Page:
Nurses at Kenyatta, Nyanza hospitals ignore strike call

March 1, 2012 2:50 pm

, NAIROBI, Kenya, Mar 1 – Nurses at Kenyatta National Hospital and three other institutions in Nyanza on Thursday ignored a nationwide strike called by the Union of Kenya Civil Servants to demand better pay.

Those who rejected the strike call were nurses from New Nyanza, Kisumu and Homa Bay District hospitals.

Earlier on Thursday, the Union of Kenya Civil Servants, the Kenya Health Professional Society (KHPS), the Kenya Union of Domestic Hotels, Educational Institutions, Hospitals and Allied Workers (KEDHEIHA) and other unions representing health workers held a meeting at Uhuru Park where they declared the strike was on.

The Secretary General of the Union of Kenya Civil Servants (Nairobi Branch) William Ochieng said they would not relent until the government met their demands.

“From Kenyatta National hospital, we will move to the Ministry of Health headquarters, Afya house then thereafter with the assistance of our Secretary General we will go to Parliament. I believe those are key areas that we have to convey a message which must be loud and clear,” Ochieng said at Uhuru Park.

The later proceeded to Parliament buildings where Dujis MP Adan Duale told them to write a petition which he would present to other legislators.

In Kisumu, nurses who spoke to Capital News at the New Nyanza Provincial hospital said that they were not ready to participate in a strike that had been declared illegal.

On Wednesday, KHPS and KUDHEIHA were served with a court order restraining them from proceeding with the strike. The order included restrictions against engaging in any activity that could jeopardise the dispensation of health care service at public health facilities.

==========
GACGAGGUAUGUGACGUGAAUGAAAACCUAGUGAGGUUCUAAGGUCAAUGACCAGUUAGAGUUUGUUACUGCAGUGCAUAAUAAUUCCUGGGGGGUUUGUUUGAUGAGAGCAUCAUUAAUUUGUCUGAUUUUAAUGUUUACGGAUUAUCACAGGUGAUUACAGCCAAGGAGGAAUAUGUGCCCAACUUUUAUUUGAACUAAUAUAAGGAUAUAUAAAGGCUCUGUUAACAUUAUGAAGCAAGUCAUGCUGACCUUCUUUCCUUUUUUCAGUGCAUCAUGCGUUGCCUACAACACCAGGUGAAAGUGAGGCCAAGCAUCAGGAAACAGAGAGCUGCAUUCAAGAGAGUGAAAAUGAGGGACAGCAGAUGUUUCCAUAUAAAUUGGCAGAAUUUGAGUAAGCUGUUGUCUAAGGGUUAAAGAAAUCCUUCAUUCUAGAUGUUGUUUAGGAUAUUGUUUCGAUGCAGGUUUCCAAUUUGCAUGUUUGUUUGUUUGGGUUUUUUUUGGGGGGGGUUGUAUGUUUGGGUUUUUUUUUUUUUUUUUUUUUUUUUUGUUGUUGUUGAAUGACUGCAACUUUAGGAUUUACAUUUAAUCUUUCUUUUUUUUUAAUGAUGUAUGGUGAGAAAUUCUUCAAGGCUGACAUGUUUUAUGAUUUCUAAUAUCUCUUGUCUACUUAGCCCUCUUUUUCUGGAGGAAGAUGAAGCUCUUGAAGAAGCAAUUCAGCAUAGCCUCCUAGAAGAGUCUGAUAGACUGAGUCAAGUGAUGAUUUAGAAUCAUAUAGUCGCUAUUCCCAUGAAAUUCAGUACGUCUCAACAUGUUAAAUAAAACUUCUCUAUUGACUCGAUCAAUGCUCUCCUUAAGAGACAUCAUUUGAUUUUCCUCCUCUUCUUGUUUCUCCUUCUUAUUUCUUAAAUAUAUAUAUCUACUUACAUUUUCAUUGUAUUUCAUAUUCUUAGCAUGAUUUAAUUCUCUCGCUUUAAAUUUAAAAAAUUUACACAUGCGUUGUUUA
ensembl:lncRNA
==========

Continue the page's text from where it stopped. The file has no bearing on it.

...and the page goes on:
“The intention of health workers is not to make people suffer but the most important thing above it all is that the employer should have ears to hear,” Ochieng told striking nurses who had gathered at Uhuru Park.

At the Kisumu and Homa Bay District Hospitals, services were rendered normally.

But at the newly opened Mama Lucy district hospital in Kayole, operations were paralysed as nurses took part in the strike.

“I had brought my wife for treatment but we have been told there are no services being offered. We will now go to a private hospital,” said one of the patients who was turned away.

“I had come for clinic (ante-natal) but I have been told it’s closed,” said another frustrated patient.

However, doctors were available although they could not offer service without nurses and other support staff.

At the Nyeri Provincial General Hospital, the nurses downed their tools leaving patients stranded.

This was reciprocated at the Coast Provincial General Hospital where nurses were idling outside the hospital compound as patients were turned away.

Health workers at Wesu District Hospital and Wundanyi Sub-District hospital in Taita Taveta County also joined in the strike.

The Medical Superintendent at Wesu District Hospital Mwaleso Kishindo was not available for comment and the District Medical Officer of Health Charles Ndigirigi was said to be out of office.

“I have visited all the health facilities in the area and the workers have downed tools. We’ll continue with the strike until our demands are met,” said Rophus Mwainge, The Union of Kenya Civil Servants Coast Branch Secretary.

“It is regrettable that the government should renege on an agreement reached with its workers, particularly on issues critical to their well-being. The issues in contention include extraneous allowances, risk allowance, internship and house allowance,” said the union boss.

In December last year, the nurses who are demanding a 300 percent pay hike called off a planned strike after the Kenya Health Professional Society struck a deal with the government.

“On our side we are in agreement except for a few areas which we are still trying to correct so that it is binding but we are in agreement,” KHPS National Chairman Luke Kodambo had said.


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